Minding the Gap

To begin generating ideas for a suitable research question, I have been referring to the “Minding the Gap” section of the Week 2 / Research Resources page of the course blog, which offers advice on finding a “gap in knowledge” (defined as “something that has not yet been adequately addressed in existing knowledge”), and offers some key questions for the researcher to answer. I have made some initial notes on each of these questions below, to provide an outline of my ideas at this early stage of the project.

What gaps are there in what’s currently known/currently practiced about the area you are thinking of? (Do some preliminary research to find out more).

The “gap in knowledge” I wish to explore in my project exists adjacent to, yet outside of, the study of both “work” and “site” in the contemporary art theory/practice context. Much of the knowledge / study associated with “artistic work” and “sites” appears to focus primarily on Marxist analyses of “labour” and conventional notions of “the studio” (or “post-studio”) respectively, whereas there is very little research that addresses the “everyday” challenges of the non-professional, early-career or otherwise “minor” artist working from home, often alongside family, and in improvised or otherwise involuntarily post-studio “sites”.

Put more simply, I am interested in researching the ways in which “minor” artists navigate the difficulties of making work: the strategies and routines they employ, and the spaces that they occupy. With this in mind, I intend to begin my research by mapping contemporary theories of “work” and “site”, toward building a clearer picture of the “gap” I wish to explore in my project.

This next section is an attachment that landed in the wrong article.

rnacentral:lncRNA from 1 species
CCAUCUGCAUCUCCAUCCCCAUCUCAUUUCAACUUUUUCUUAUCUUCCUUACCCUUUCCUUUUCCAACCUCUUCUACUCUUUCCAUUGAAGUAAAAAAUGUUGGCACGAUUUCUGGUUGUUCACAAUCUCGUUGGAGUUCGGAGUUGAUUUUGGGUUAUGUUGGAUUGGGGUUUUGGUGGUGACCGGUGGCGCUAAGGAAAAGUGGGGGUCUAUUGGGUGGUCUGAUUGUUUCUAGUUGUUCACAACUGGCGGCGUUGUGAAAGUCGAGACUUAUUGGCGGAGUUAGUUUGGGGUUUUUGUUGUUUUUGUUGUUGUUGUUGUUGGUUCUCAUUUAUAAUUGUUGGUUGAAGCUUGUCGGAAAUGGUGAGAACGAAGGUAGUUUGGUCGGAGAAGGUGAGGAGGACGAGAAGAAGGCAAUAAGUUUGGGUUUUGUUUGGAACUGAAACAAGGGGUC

Are these gaps in knowledge worth ‘filling’? (You need to be able to say ‘yes’ to this with honesty. If they aren’t worth filling, do not fill them).

I think that this is a gap in knowledge worth “filling”, as exploring this under-researched area of contemporary art theory/practice could help to build a clearer picture of the challenges faced by “minor” artists, and potentially offer a range of strategies for addressing some of those challenges.

More specifically, my initial ideas for the project involve developing some kind of platform or residency program designed to address one or more issues faced by “minor” artists – for example, the relative inaccessibility of long-term residencies to artists with jobs or family responsibilities could be addressed by the provision of fully funded, one-day “micro-residences” aimed specifically at artists who would otherwise not have the means or availability to take part in longer-term residency projects.

What makes the gaps important? (Moreover, who or what are they important to?)

Filling these gaps in knowledge is important on both a theoretical and practical level. Conducting research into these unseen aspects of artistic “work” and “site” would help to get a clearer picture of how and why art is made by the vast majority of aspiring or otherwise “minor” artists; this in turn would allow us to develop a clearer picture of the art world(s) as a whole and how it operates, which would then bring opportunities for positive developments and a fairer distribution of opportunities.

Next Steps

Following this brief outline of my “gap in knowledge”, I will take the following steps to begin developing my research question and research design:

  1. Begin researching the topics of “artistic work”, “practice”, “site” and “the studio”, toward producing a detailed map of the field;
  2. Use the map to identify in more detail the main gaps in knowledge or areas not adequately addressed by current study;
  3. Generate a range of possible research questions and methodologies based on the gaps identified above.

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